THE REALITY OF BREASTFEEDING
If you find that one part of a breast is not emptying, it feels hard and may look red, then one of the ducts is blocked. The breast is made up of sections, each leading to one of the eleven or so ducts, to the nipple. If you bruise the breast in some way it leads to a swelling and may cause an obstruction of one or more ducts. Keep feeding and massage the breast. This may be all you need to do to clear a blocked duct. Also see below: Mastitis, for what I have discovered works to clear up breast inflammation.
You may feel upset and imagine that you will have to stop feeding. Lots of women have blocked ducts and continue to nurse successfully. It is not a good time to stop, even if you had planned to begin weaning. If you can discover what caused the blockage in the first place you can prevent it recurring. Some causes are:
Ill-fitting bra, digging in, often under the arm
Badly-designed bra, with part of the cup lowering to feed and the other part cutting across the duct as the milk lets down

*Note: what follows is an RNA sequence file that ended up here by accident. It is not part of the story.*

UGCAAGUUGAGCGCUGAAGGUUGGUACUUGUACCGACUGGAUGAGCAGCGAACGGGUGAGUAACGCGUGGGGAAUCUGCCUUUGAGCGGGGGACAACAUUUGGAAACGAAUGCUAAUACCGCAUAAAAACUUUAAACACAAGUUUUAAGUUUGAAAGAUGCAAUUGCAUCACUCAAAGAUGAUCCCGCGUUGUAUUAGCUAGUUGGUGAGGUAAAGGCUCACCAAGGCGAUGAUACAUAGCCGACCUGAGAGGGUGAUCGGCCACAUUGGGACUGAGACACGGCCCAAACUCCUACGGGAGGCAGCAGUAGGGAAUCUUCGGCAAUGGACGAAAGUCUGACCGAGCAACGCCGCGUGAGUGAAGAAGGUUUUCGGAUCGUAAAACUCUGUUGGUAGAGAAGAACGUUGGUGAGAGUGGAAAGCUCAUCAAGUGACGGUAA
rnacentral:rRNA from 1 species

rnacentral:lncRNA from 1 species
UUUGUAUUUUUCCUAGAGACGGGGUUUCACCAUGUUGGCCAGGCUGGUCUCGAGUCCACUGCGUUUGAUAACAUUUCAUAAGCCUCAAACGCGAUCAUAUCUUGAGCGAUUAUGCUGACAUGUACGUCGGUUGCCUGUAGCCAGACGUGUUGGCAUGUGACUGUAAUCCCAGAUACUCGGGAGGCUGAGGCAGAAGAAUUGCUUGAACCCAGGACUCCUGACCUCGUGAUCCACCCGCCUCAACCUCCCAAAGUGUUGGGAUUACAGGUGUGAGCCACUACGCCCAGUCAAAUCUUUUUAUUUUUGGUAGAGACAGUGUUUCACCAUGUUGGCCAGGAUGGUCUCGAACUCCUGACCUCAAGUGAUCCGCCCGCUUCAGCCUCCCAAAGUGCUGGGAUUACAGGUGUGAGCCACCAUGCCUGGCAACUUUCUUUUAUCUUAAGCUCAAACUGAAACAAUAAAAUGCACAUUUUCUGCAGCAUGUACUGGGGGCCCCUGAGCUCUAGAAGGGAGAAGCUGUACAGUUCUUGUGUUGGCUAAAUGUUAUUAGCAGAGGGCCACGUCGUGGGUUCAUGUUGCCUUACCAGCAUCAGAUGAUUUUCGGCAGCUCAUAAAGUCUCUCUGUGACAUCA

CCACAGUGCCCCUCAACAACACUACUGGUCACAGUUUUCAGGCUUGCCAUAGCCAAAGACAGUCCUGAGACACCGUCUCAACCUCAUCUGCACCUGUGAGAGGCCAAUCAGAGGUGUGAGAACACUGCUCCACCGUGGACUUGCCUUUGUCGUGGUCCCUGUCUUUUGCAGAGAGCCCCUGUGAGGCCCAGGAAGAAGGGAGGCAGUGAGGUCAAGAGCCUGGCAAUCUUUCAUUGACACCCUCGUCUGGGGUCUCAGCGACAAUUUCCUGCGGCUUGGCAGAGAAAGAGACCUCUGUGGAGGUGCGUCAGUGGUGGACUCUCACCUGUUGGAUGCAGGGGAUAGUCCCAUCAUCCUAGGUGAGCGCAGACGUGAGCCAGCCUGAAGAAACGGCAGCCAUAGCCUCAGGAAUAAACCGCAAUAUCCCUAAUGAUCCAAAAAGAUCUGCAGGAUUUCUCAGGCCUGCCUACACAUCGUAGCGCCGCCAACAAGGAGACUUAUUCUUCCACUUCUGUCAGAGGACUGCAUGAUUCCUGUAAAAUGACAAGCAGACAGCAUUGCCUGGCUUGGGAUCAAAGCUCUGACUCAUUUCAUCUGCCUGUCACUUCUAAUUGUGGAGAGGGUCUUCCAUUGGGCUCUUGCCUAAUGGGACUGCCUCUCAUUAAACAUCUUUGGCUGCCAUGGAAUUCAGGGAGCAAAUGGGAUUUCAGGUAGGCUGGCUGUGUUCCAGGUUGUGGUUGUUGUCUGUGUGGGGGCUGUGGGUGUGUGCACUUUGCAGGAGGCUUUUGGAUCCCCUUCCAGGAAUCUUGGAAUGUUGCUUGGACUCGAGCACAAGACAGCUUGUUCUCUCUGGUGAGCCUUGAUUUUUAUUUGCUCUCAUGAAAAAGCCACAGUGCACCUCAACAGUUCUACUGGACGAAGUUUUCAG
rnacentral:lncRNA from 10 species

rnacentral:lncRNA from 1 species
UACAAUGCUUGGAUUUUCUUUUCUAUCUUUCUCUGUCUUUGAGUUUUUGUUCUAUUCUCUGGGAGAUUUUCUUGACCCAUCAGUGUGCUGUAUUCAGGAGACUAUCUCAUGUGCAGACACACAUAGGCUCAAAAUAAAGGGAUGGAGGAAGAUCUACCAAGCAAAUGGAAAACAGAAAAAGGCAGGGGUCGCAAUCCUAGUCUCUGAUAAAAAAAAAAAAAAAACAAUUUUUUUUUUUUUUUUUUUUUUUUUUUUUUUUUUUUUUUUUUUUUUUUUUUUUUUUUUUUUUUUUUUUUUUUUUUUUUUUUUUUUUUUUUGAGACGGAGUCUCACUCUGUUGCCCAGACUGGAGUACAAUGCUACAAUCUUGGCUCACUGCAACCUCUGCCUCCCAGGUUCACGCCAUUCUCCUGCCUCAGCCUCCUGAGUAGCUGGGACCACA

Sleeping awkwardly on the breast for too long
Toddler jumping enthusiastically on your lap and bumping the breast
Knocking the breast during everyday movement
The lactating breast is vulnerable to bruising, which is why it is useful that the breasts are protectively situated between our arms on our chests. I have noticed that bruising on the breast is not the characteristic blue colour that you get on muscular areas, it goes red instead and I think that’s why we don’t always realize that we have bruised a breast. If there is any swelling then the larger fat molecules in the milk may not be able to flow through the duct and so it becomes blocked. If you keep feeding the baby and gently massaging from the outside of the breast along the ducts to the nipple the force of the let down will clear the blockage.
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